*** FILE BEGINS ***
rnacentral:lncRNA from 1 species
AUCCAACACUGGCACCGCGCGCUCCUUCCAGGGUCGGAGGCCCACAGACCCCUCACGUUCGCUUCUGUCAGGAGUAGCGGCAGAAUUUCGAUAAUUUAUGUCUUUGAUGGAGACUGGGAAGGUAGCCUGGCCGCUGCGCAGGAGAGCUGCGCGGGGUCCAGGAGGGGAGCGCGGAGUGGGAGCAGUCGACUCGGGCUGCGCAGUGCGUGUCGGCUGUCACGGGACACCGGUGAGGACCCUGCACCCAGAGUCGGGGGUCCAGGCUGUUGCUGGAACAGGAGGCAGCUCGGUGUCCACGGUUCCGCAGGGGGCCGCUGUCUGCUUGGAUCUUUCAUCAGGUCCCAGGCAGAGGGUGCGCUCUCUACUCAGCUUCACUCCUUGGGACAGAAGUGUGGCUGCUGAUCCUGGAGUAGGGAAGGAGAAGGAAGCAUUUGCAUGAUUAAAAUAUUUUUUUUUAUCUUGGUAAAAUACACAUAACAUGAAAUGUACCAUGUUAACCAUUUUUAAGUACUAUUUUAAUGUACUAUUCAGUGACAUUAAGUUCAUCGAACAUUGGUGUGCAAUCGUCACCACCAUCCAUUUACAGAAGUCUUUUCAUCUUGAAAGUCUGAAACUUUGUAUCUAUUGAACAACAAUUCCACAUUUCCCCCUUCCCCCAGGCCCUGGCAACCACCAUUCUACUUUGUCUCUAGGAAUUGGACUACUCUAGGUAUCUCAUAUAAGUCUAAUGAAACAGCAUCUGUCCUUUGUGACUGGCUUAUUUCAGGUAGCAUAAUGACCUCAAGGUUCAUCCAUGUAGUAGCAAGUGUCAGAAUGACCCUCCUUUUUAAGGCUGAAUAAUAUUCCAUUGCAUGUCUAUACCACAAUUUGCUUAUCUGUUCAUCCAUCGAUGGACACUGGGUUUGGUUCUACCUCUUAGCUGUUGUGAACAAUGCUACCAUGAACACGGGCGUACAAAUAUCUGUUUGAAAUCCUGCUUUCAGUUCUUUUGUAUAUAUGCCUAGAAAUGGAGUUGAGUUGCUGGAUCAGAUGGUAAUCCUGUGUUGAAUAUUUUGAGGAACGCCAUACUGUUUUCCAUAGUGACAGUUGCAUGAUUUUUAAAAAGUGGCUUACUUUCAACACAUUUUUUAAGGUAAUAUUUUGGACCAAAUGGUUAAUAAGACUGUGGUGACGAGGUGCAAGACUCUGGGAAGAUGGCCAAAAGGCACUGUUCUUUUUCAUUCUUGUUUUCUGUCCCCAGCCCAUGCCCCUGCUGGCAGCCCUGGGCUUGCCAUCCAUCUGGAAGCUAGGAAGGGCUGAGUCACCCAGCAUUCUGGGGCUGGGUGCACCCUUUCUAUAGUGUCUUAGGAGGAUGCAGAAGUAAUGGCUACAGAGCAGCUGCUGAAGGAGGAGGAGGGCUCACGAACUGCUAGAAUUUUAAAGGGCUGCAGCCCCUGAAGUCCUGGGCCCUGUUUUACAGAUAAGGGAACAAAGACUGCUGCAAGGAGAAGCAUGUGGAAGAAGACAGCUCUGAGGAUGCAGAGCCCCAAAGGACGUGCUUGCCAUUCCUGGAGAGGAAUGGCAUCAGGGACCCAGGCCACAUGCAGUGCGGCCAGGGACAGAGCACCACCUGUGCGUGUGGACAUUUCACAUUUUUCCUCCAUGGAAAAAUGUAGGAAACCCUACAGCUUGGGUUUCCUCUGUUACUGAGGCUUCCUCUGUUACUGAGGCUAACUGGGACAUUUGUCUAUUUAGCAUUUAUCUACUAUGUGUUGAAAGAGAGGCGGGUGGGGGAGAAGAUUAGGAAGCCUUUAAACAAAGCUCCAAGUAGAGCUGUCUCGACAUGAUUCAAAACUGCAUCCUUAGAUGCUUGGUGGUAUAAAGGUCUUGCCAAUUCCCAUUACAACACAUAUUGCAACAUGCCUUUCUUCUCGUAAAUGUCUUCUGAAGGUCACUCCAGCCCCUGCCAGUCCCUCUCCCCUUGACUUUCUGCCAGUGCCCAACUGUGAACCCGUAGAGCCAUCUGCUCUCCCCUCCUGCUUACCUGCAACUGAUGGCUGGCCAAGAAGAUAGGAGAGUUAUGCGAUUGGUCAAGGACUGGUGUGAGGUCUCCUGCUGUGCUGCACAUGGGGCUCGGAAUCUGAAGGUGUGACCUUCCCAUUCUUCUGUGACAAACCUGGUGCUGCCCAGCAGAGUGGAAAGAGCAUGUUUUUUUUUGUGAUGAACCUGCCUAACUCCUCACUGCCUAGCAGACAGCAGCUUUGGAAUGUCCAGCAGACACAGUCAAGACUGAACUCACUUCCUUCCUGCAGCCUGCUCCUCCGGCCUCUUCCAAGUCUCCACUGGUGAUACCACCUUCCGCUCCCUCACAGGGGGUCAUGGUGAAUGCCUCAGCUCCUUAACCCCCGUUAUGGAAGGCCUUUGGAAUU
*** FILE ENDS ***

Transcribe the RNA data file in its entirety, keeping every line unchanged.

rnacentral:lncRNA from 1 species
AUCCAACACUGGCACCGCGCGCUCCUUCCAGGGUCGGAGGCCCACAGACCCCUCACGUUCGCUUCUGUCAGGAGUAGCGGCAGAAUUUCGAUAAUUUAUGUCUUUGAUGGAGACUGGGAAGGUAGCCUGGCCGCUGCGCAGGAGAGCUGCGCGGGGUCCAGGAGGGGAGCGCGGAGUGGGAGCAGUCGACUCGGGCUGCGCAGUGCGUGUCGGCUGUCACGGGACACCGGUGAGGACCCUGCACCCAGAGUCGGGGGUCCAGGCUGUUGCUGGAACAGGAGGCAGCUCGGUGUCCACGGUUCCGCAGGGGGCCGCUGUCUGCUUGGAUCUUUCAUCAGGUCCCAGGCAGAGGGUGCGCUCUCUACUCAGCUUCACUCCUUGGGACAGAAGUGUGGCUGCUGAUCCUGGAGUAGGGAAGGAGAAGGAAGCAUUUGCAUGAUUAAAAUAUUUUUUUUUAUCUUGGUAAAAUACACAUAACAUGAAAUGUACCAUGUUAACCAUUUUUAAGUACUAUUUUAAUGUACUAUUCAGUGACAUUAAGUUCAUCGAACAUUGGUGUGCAAUCGUCACCACCAUCCAUUUACAGAAGUCUUUUCAUCUUGAAAGUCUGAAACUUUGUAUCUAUUGAACAACAAUUCCACAUUUCCCCCUUCCCCCAGGCCCUGGCAACCACCAUUCUACUUUGUCUCUAGGAAUUGGACUACUCUAGGUAUCUCAUAUAAGUCUAAUGAAACAGCAUCUGUCCUUUGUGACUGGCUUAUUUCAGGUAGCAUAAUGACCUCAAGGUUCAUCCAUGUAGUAGCAAGUGUCAGAAUGACCCUCCUUUUUAAGGCUGAAUAAUAUUCCAUUGCAUGUCUAUACCACAAUUUGCUUAUCUGUUCAUCCAUCGAUGGACACUGGGUUUGGUUCUACCUCUUAGCUGUUGUGAACAAUGCUACCAUGAACACGGGCGUACAAAUAUCUGUUUGAAAUCCUGCUUUCAGUUCUUUUGUAUAUAUGCCUAGAAAUGGAGUUGAGUUGCUGGAUCAGAUGGUAAUCCUGUGUUGAAUAUUUUGAGGAACGCCAUACUGUUUUCCAUAGUGACAGUUGCAUGAUUUUUAAAAAGUGGCUUACUUUCAACACAUUUUUUAAGGUAAUAUUUUGGACCAAAUGGUUAAUAAGACUGUGGUGACGAGGUGCAAGACUCUGGGAAGAUGGCCAAAAGGCACUGUUCUUUUUCAUUCUUGUUUUCUGUCCCCAGCCCAUGCCCCUGCUGGCAGCCCUGGGCUUGCCAUCCAUCUGGAAGCUAGGAAGGGCUGAGUCACCCAGCAUUCUGGGGCUGGGUGCACCCUUUCUAUAGUGUCUUAGGAGGAUGCAGAAGUAAUGGCUACAGAGCAGCUGCUGAAGGAGGAGGAGGGCUCACGAACUGCUAGAAUUUUAAAGGGCUGCAGCCCCUGAAGUCCUGGGCCCUGUUUUACAGAUAAGGGAACAAAGACUGCUGCAAGGAGAAGCAUGUGGAAGAAGACAGCUCUGAGGAUGCAGAGCCCCAAAGGACGUGCUUGCCAUUCCUGGAGAGGAAUGGCAUCAGGGACCCAGGCCACAUGCAGUGCGGCCAGGGACAGAGCACCACCUGUGCGUGUGGACAUUUCACAUUUUUCCUCCAUGGAAAAAUGUAGGAAACCCUACAGCUUGGGUUUCCUCUGUUACUGAGGCUUCCUCUGUUACUGAGGCUAACUGGGACAUUUGUCUAUUUAGCAUUUAUCUACUAUGUGUUGAAAGAGAGGCGGGUGGGGGAGAAGAUUAGGAAGCCUUUAAACAAAGCUCCAAGUAGAGCUGUCUCGACAUGAUUCAAAACUGCAUCCUUAGAUGCUUGGUGGUAUAAAGGUCUUGCCAAUUCCCAUUACAACACAUAUUGCAACAUGCCUUUCUUCUCGUAAAUGUCUUCUGAAGGUCACUCCAGCCCCUGCCAGUCCCUCUCCCCUUGACUUUCUGCCAGUGCCCAACUGUGAACCCGUAGAGCCAUCUGCUCUCCCCUCCUGCUUACCUGCAACUGAUGGCUGGCCAAGAAGAUAGGAGAGUUAUGCGAUUGGUCAAGGACUGGUGUGAGGUCUCCUGCUGUGCUGCACAUGGGGCUCGGAAUCUGAAGGUGUGACCUUCCCAUUCUUCUGUGACAAACCUGGUGCUGCCCAGCAGAGUGGAAAGAGCAUGUUUUUUUUUGUGAUGAACCUGCCUAACUCCUCACUGCCUAGCAGACAGCAGCUUUGGAAUGUCCAGCAGACACAGUCAAGACUGAACUCACUUCCUUCCUGCAGCCUGCUCCUCCGGCCUCUUCCAAGUCUCCACUGGUGAUACCACCUUCCGCUCCCUCACAGGGGGUCAUGGUGAAUGCCUCAGCUCCUUAACCCCCGUUAUGGAAGGCCUUUGGAAUU